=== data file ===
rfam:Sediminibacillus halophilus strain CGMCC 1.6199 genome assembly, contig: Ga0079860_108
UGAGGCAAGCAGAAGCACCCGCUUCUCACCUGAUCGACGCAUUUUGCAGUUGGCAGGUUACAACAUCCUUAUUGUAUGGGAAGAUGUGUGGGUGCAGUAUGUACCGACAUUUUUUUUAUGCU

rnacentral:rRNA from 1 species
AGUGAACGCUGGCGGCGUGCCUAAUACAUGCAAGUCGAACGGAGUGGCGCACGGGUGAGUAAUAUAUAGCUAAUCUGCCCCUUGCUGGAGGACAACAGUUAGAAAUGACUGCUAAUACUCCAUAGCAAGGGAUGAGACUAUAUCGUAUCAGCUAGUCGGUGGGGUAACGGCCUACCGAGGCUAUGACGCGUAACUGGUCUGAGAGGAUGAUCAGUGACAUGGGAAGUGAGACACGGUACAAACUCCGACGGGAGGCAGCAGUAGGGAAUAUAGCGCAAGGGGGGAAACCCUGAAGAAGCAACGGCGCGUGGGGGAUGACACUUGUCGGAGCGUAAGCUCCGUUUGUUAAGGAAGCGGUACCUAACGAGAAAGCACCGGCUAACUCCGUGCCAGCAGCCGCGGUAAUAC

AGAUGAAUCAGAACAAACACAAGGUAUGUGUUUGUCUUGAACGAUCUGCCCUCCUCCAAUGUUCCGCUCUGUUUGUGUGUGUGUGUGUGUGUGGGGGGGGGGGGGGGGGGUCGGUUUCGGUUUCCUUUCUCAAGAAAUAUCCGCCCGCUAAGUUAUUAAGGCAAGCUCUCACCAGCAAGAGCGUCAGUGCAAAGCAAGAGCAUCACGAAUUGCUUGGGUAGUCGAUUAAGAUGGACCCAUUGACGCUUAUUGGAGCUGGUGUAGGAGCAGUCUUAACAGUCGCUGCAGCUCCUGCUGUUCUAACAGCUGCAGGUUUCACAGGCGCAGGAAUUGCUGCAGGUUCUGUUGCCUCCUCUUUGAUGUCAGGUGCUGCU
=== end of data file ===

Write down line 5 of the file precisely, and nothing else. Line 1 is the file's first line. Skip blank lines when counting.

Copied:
AGAUGAAUCAGAACAAACACAAGGUAUGUGUUUGUCUUGAACGAUCUGCCCUCCUCCAAUGUUCCGCUCUGUUUGUGUGUGUGUGUGUGUGUGGGGGGGGGGGGGGGGGGUCGGUUUCGGUUUCCUUUCUCAAGAAAUAUCCGCCCGCUAAGUUAUUAAGGCAAGCUCUCACCAGCAAGAGCGUCAGUGCAAAGCAAGAGCAUCACGAAUUGCUUGGGUAGUCGAUUAAGAUGGACCCAUUGACGCUUAUUGGAGCUGGUGUAGGAGCAGUCUUAACAGUCGCUGCAGCUCCUGCUGUUCUAACAGCUGCAGGUUUCACAGGCGCAGGAAUUGCUGCAGGUUCUGUUGCCUCCUCUUUGAUGUCAGGUGCUGCU